We find the $x$-intercepts of the graph by setting $y$ equal to zero. For this, it is easier to go back to the function as written in standard form: \begin{align*} 0 \amp= 2x^2 + 8x + 6\amp\amp\text{Factor the right side.}\\ \amp= 2(x + 1)(x + 3)\amp\amp\text{Set each factor equal to zero.}\\ x + 1 \amp=0 ~~~\text{ or } ~~~x + 3 = 0\\ x\amp= -1 \hphantom{blankbl} x = -3 \end{align*} The $x$-intercepts are the points $(-1, 0)$ and $(-3, 0)\text{.}$

The $y$-intercept of the graph is found by setting $x$ equal to zero:

\begin{equation*} y = 2(\alert{0})2 + 8(\alert{0}) + 6 = 6 \end{equation*}

You can see that the $y$-coordinate of the $y$-intercept, $(0,6)\text{,}$ is just the constant term of the quadratic equation. The completed graph is shown in Figure292. ###### Example293

Find the vertex of the graph of $y = -2x^2 + x + 1\text{.}$

Solution

For this equation, $a = -2\text{,}$ $b = 1\text{,}$ and $c = 1\text{.}$ The $x$-coordinate of the vertex is given by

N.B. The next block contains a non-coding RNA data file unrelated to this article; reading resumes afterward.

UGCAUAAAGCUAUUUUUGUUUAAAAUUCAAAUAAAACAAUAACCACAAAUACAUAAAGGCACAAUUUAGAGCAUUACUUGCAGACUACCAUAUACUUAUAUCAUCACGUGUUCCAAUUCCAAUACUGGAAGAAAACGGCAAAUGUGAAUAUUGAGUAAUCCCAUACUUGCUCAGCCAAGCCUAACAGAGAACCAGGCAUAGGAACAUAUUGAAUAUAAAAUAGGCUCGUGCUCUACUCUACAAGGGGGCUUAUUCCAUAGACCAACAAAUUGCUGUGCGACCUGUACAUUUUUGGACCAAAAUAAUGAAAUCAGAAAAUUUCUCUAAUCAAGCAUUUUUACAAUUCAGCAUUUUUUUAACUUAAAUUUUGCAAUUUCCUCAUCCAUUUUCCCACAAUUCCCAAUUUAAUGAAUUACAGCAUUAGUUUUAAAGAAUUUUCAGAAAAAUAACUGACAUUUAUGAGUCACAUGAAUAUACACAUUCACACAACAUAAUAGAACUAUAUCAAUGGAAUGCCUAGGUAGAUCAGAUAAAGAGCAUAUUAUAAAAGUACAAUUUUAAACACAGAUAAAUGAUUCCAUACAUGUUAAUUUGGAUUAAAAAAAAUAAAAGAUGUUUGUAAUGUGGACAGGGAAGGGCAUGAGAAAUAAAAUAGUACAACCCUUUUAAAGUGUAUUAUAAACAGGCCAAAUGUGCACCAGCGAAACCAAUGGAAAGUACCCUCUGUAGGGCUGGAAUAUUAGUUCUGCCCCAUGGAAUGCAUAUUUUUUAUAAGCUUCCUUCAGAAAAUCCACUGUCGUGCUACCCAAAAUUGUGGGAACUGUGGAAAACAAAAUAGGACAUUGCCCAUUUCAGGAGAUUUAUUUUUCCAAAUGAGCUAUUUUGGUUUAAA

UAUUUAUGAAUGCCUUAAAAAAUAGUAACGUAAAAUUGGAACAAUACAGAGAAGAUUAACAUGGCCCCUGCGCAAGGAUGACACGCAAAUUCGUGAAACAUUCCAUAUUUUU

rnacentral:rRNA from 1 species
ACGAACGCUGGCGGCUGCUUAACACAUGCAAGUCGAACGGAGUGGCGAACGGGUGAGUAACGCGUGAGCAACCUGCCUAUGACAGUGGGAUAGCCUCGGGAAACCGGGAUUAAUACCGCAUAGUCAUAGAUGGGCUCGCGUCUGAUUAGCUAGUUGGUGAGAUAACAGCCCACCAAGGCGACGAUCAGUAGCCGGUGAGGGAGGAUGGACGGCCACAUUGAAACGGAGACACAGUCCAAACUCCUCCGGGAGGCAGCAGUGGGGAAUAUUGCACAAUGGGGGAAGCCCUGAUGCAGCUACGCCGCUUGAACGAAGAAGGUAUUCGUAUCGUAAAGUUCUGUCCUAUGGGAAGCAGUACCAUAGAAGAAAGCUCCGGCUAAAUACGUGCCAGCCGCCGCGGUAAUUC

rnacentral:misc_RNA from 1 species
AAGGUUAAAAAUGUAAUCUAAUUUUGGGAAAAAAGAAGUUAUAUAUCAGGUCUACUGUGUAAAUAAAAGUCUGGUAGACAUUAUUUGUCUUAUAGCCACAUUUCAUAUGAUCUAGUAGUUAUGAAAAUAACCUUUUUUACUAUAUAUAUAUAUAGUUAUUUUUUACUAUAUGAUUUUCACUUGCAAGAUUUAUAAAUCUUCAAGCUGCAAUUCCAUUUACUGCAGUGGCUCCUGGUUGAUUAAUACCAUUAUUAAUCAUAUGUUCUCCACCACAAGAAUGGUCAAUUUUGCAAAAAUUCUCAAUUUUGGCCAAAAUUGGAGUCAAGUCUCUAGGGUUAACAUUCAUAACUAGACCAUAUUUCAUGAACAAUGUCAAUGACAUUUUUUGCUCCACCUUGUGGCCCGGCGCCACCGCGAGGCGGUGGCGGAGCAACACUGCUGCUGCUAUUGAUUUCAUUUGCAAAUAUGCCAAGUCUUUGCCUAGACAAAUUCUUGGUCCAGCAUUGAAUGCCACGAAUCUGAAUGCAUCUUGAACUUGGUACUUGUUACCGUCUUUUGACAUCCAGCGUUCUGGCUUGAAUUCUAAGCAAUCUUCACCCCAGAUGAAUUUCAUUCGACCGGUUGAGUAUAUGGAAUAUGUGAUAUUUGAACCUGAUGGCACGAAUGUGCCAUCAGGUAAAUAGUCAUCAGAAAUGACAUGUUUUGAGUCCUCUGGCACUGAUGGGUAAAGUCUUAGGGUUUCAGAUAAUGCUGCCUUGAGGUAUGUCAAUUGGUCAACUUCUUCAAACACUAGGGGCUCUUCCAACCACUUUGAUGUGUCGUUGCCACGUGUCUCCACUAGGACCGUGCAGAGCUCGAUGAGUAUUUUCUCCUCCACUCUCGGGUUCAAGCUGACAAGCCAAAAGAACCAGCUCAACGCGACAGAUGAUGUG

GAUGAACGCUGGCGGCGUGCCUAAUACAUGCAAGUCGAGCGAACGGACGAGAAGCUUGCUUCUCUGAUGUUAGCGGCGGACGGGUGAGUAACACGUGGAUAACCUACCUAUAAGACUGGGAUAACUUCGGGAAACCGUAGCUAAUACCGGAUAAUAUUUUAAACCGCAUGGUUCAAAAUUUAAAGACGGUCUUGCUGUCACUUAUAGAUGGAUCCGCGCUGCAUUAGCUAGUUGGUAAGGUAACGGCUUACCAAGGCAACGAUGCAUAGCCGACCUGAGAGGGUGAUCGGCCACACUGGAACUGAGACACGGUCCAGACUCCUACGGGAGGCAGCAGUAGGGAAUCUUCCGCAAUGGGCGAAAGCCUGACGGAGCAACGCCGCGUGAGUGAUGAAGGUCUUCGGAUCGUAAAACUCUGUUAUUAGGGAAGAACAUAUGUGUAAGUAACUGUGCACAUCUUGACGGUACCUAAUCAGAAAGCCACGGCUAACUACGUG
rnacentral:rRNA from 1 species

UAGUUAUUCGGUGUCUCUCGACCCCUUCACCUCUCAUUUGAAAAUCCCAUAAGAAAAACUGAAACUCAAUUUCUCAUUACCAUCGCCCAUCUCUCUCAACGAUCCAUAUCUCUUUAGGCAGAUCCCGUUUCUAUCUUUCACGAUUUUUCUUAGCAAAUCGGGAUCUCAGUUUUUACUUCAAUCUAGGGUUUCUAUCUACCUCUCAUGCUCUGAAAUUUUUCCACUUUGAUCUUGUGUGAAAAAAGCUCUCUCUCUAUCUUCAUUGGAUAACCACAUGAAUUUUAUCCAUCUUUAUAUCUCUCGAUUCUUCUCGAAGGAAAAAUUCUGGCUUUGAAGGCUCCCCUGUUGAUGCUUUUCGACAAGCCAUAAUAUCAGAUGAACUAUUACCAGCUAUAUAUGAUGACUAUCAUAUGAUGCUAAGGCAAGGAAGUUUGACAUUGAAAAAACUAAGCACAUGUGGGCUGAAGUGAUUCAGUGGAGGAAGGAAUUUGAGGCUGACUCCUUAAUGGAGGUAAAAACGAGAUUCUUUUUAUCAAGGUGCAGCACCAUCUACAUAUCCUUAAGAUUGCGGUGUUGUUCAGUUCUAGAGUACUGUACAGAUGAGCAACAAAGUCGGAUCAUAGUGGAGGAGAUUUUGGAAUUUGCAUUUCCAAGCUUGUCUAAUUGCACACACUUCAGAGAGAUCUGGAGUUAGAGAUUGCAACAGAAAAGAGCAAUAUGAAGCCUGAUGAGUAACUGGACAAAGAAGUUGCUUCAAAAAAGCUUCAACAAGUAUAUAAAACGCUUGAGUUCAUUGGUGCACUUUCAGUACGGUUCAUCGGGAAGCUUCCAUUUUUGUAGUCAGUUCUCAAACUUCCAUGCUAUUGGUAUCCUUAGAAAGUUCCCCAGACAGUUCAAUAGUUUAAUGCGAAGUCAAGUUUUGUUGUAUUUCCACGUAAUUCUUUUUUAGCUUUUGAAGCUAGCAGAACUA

\begin{equation*} x_v =\frac{-b}{2a}=\frac{-1}{2(-2)}=\frac{1}{4}. \end{equation*}

To find the $y$-coordinate of the vertex, we substitute $x = \alert{\frac{1}{4}}$ into the equation. We can do this by hand to find \begin{align*} y_v\amp= -2\left(\alert{\frac{1}{4}}\right)^2+ \alert{\frac{1}{4}}+1\\ \amp= -2\left(\frac{1}{16}\right)+ \frac{4}{16}+\frac{16}{16}=\frac{18}{16} =\frac{9}{8}. \end{align*} So the coordinates of the vertex are $\left(\dfrac{1}{4},\dfrac{9}{8}\right)\text{.}$ Alternatively, we can use the calculator to evaluate $-2x^2 + x + 1$ for $x = 0.25\text{.}$ The calculator returns the $y$-value $1.125\text{.}$ Thus, the vertex is the point $(0.25, 1.125)\text{,}$ which is the decimal equivalent of $\left(\dfrac{1}{4},\dfrac{9}{8}\right)\text{.}$

### SubsectionSketching a Parabola

Once we have located the vertex of the parabola, the $x$-intercepts, and the $y$-intercept, we can sketch a reasonably accurate graph. Recall that the graph should be symmetric about a vertical line through the vertex. We summarize the procedure as follows.

###### To Graph the Quadratic Function $y = ax^2 + bx + c\text{:}$
1. Determine whether the parabola opens upward (if $a \gt 0$) or downward (if $a \lt 0$).

2. Locate the vertex of the parabola.

1. The $x$-coordinate of the vertex is $x_v =\dfrac{-b}{2a}\text{.}$